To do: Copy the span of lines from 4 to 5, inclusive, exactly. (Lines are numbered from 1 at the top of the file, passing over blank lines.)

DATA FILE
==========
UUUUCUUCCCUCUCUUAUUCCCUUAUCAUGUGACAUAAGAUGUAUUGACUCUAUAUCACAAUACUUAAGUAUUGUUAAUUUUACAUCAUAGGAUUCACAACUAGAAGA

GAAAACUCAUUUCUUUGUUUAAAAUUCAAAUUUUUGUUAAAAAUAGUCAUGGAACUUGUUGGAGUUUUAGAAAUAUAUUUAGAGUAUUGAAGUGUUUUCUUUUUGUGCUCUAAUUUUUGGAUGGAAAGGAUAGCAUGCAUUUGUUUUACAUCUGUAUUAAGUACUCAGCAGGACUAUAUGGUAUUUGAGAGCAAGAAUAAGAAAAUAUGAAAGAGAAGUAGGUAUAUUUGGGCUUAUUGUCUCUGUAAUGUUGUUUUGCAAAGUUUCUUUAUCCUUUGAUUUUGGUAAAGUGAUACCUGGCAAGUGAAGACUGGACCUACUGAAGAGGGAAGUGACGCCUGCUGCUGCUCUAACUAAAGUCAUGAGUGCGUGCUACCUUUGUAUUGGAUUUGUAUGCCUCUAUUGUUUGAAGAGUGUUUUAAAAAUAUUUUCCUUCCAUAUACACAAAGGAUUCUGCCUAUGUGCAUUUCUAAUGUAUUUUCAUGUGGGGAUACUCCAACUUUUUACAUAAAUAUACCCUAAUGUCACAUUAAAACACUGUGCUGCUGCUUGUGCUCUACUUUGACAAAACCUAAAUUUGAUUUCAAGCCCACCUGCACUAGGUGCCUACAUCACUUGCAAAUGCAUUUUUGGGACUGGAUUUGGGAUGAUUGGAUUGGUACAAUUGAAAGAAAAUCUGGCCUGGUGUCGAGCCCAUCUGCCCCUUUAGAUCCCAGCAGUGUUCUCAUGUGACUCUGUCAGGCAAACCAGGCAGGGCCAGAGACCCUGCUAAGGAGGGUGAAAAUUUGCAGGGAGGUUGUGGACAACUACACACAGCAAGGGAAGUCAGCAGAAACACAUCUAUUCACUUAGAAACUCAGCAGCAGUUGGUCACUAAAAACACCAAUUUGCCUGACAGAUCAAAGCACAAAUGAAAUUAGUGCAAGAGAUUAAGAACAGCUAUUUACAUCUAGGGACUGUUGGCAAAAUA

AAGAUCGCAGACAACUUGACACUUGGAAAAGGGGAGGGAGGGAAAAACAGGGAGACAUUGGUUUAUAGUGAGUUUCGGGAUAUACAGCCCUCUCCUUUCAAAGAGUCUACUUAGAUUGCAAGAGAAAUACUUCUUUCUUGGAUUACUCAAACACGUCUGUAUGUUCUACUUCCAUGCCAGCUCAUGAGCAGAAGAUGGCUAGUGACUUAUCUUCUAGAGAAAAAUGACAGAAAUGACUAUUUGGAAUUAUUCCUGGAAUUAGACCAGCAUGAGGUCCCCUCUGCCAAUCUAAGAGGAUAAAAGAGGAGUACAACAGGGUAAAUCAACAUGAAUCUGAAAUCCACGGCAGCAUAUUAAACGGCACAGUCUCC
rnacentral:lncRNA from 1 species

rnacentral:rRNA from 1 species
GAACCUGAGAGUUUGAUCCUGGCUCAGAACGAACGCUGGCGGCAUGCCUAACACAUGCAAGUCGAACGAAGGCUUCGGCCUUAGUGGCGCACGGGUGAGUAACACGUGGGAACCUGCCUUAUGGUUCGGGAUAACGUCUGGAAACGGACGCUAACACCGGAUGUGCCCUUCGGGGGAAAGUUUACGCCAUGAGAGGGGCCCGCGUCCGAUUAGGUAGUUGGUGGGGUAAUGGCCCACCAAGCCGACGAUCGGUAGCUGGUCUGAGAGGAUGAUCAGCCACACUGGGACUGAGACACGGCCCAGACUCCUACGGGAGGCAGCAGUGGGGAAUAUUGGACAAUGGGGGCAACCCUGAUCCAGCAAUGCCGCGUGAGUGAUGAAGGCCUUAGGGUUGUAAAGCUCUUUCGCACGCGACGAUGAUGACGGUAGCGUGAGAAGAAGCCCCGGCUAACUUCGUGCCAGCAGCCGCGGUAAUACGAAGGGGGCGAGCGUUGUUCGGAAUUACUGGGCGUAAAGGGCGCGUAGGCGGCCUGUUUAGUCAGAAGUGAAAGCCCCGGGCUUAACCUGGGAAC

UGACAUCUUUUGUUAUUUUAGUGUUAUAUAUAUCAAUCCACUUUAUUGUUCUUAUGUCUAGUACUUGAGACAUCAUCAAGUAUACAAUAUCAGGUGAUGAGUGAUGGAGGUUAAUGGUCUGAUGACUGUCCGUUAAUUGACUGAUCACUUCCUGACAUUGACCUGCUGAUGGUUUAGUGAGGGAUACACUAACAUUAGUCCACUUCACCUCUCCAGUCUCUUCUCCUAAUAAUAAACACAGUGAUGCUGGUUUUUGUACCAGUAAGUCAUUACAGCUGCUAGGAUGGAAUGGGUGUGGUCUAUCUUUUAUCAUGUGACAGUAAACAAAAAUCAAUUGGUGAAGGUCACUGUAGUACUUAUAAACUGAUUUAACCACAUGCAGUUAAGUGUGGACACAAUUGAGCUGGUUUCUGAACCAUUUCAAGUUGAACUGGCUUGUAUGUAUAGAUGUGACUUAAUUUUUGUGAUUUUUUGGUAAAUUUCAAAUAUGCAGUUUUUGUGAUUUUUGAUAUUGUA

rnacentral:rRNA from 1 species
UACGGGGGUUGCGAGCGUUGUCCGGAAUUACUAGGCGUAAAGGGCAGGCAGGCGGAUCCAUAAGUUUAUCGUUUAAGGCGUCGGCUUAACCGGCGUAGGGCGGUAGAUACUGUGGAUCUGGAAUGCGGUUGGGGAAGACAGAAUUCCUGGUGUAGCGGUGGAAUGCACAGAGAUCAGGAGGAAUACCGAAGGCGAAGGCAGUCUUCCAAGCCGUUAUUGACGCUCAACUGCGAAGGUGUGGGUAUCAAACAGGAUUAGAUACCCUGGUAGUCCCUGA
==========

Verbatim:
rnacentral:lncRNA from 1 species

rnacentral:rRNA from 1 species